Bhavya Mishra Bhavya wanted to be a writer, so she writes code now. Bhavya’s career has been focused on all things Android for the past five years. Drawn to Fueled by the team culture and the cutting edge technologies we use, she doesn’t plan on stopping anytime soon!

Geolocation and geocoding in Flutter

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Flutter geolocations and geolocator

Discovering user location is a very common and powerful use case for mobile applications these days. If you have ever tried to implement locations in Android, you know how complex and confusing the boilerplate code can get.

This is not the same with Flutter though — it has a lot of amazing packages that abstract that boilerplate code out for you and makes implementing geolocations a dream. Another bright side is that you get the functionality on both Android and iOS.

Let’s take a quick look at what we are building today to gather location data:

Flutter geolocation demo

This article walks you through two of the most popular and easy-to-use Flutter packages for geolocation.

Let’s start with location, a Flutter favorite package. This one is as simple as it gets. Just three simple steps and you will be able to get the current user location along with handling location permissions.

Prerequisites

Let’s do a quick check of things we need before jumping right ahead:

  • The Flutter SDK
  • An editor; you can use either Visual Code or Android Studio
  • At least beginner-level knowledge of Flutter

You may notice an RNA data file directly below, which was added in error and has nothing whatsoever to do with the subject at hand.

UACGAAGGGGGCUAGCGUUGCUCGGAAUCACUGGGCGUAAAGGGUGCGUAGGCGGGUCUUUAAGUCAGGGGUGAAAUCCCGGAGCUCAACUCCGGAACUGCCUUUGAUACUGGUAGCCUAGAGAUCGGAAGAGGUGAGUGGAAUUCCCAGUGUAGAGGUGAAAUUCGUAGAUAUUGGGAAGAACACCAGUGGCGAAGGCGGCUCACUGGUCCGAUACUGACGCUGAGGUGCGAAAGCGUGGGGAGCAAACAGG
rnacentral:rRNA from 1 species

That’s pretty much it!

Using the Flutter location package

Set up

Add the dependency to your pubspec.yaml file:

dependencies:
    location: ^4.2.0

Since permissions are handled differently by Android and iOS, we will have to add them separately on each platform.

We made a custom demo for .
No really. Click here to check it out.

For Android

Add the following location permissions to AndroidManifest.xml:

<uses-permission android:name="android.permission.ACCESS_COARSE_LOCATION" />
<uses-permission android:name="android.permission.ACCESS_FINE_LOCATION" />

If you want to access the user’s location in the background as well, use the enableBackgroundMode({bool enable}) API before accessing location in the background and add background permission to the manifest file as well:

<uses-permission android:name="android.permission.ACCESS_BACKGROUND_LOCATION"/>

For iOS

Add the following location permissions to Info.plist:

<key>NSLocationWhenInUseUsageDescription</key>
<string>This app needs to access your location</string>

NSLocationWhenInUseUsageDescription is the only permission you need. This allows you to access background location as well, the only caveat being that a blue badge is shown in the status bar when the app accesses location while in the background. Unlike Android, where we added separate permission for accessing the user’s location in the background.

Location permissions

We need to check Location Service status and Permission status before requesting user location, which is easily done using these few lines of code:

Location location = new Location();

bool _serviceEnabled;
PermissionStatus _permissionGranted;

_serviceEnabled = await location.serviceEnabled();
if (!_serviceEnabled) {
 _serviceEnabled = await location.requestService();
 if (!_serviceEnabled) {
   return null;
 }
}

_permissionGranted = await location.hasPermission();
if (_permissionGranted == PermissionStatus.denied) {
 _permissionGranted = await location.requestPermission();
 if (_permissionGranted != PermissionStatus.granted) {
   return null;
 }
}

First, we create a Location() object that is provided by the location package, which in turn provides us with two useful methods. serviceEnabled() checks if the device location is enabled or the user has disabled it manually.

For the latter, we display a native prompt that allows users to enable location quickly by calling requestService() and then we check one more time if they then enabled it from the prompt.

Once we are sure that location service is enabled, the next step is to check if our app has the necessary permissions to use it by calling hasPermission() that, which returns the PermissionStatus.